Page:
We need to rebuke Harper.  We need to reconstitute the Senate, not abolish it.  We need to ensure that no future Harper can ever repeat his disgusting deed.


Anonymous said...

To abolish the senate would give Herr Harper, even more control Can you imagine giving that monster full control?

Owen Gray said...

An excellent post, Mound. Word is that both Harper and Mulcair are going to campaign on abolishing the senate.

Abolition would be a terrible mistake -- and it would provoke a constitutional crisis. The problem is the man who made the appointments, not the institution itself.

Lorne said...

Enjoyed your post immensely, Mound, replete as it is with 'Moundisms' like 'Conservative turnstiles,' 'Latter Day Liberals,' and our 'deviant prime minister.'

However, could you elaborate on your suggestion about the nomination process that you suggest for the Senate? Who would ensure that the people meet the criteria you stipulate? Would there be confirmation hearings? Who would be part of the confirmation process? How would such hearings guarantee against the kind of poisonous partisanship that currently dominates the political scene?

Purple library guy said...

MoS, I think you're way off on this one. I agree with a good deal of what you say, but I think your analysis here is way off.

Harper was never actually interested in Senate reform, let alone abolition. The Reformers always championed Senate reform, specifically the "Triple-E" Senate, because it let them sound populist and pro-democracy and because "Triple-E" was code for "the West wants in" because it made smaller prairie provinces just as big as Ontario and Quebec. But Harper's been in office for ages and never showed any sign of making a move. The whole platform plank was just like half their other planks, those things politicians say to get elected--the technical term is "a lie".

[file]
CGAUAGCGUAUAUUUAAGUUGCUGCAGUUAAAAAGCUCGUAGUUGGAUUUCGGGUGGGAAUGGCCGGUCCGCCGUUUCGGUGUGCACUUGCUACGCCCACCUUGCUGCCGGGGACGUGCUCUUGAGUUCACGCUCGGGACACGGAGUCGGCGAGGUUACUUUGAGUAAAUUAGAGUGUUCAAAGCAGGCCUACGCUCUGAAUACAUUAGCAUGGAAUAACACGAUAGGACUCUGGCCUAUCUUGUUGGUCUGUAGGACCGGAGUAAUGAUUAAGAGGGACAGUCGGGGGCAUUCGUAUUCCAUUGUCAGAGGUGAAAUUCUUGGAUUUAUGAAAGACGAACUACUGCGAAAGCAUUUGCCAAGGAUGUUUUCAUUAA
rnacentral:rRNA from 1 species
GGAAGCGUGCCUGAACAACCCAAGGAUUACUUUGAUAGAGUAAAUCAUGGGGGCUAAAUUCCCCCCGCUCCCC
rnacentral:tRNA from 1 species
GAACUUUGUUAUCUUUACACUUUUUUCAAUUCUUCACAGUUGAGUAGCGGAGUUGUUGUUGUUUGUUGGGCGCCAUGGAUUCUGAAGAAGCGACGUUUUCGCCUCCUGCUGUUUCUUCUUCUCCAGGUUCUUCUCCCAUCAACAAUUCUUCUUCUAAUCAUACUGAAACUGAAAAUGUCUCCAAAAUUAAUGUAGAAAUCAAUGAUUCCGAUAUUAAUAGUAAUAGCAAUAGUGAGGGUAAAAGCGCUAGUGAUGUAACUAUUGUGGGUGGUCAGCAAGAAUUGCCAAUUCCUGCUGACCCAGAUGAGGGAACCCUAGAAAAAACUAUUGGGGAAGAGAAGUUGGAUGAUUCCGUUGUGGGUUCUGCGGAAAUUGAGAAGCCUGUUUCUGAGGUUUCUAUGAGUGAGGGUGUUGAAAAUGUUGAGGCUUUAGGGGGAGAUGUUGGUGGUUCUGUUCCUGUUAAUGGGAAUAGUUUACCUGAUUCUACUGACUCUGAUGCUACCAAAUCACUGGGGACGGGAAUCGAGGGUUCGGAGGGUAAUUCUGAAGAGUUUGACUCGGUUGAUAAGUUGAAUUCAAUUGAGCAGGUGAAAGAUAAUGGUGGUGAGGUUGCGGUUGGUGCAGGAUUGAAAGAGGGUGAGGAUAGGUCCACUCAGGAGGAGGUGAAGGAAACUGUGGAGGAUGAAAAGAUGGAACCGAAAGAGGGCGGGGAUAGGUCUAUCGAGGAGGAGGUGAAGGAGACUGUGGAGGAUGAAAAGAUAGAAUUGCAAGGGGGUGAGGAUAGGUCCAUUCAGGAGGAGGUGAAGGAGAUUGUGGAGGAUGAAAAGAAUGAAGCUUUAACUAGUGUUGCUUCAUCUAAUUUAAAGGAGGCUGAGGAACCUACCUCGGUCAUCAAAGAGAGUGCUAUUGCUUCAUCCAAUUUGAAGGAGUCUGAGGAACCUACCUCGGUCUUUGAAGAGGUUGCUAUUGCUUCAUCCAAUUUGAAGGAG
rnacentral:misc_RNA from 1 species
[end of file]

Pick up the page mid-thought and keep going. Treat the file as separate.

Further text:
Harpo quickly realized, perhaps knew all along, that for a corrupt party like the Cons (and Libs), the Senate is an invaluable source of rewards for cronies and is never dangerous because you can stack it. Before you're finished stacking it, anything it does against you is worth the damage just for the mileage you'll get fulminating against your opponents' unprincipled use of an unelected body to frustrate your democratic government.

Harper was never interested in Senate reform, let alone abolition. If he's making noises about it now it's because he has no choice. The scandals are getting so bad and so numerous that his party is tanking in the polls. This senate scandal stuff is not the result of some Harper N-dimensional chess game to make it easy to get rid of. At the rate things are going, it won't matter if the Libs and NDP split the vote because the Cons could end up the third party in parliament after both of 'em; this rather superficial stuff has been really damaging him like nothing else. So Harper has no option but to huff and puff some and pretend he's shocked, shocked, that there is payola going on in this establishment. Maybe it'll get so bad that he'll actually have to do something, maybe it won't and he'll just gradually stop talking about the Senate as the heat dies down. But I'd pretty much guarantee you that Harper's preference would be to keep the Senate just the way it is: A body with little power, where he gets to appoint the members personally. He just wishes the commons was more like that.

The NDP on the other hand has been for the abolishment of the Senate for as far back as I can remember. They have some solid reasons for their stance. I don't think it makes sense for them to abandon a long held policy position because there's some threat that Harper might be forced by expediency to let them actually get the policy they want. "No, don't win! That's just what he wants you to do!" No, it really isn't.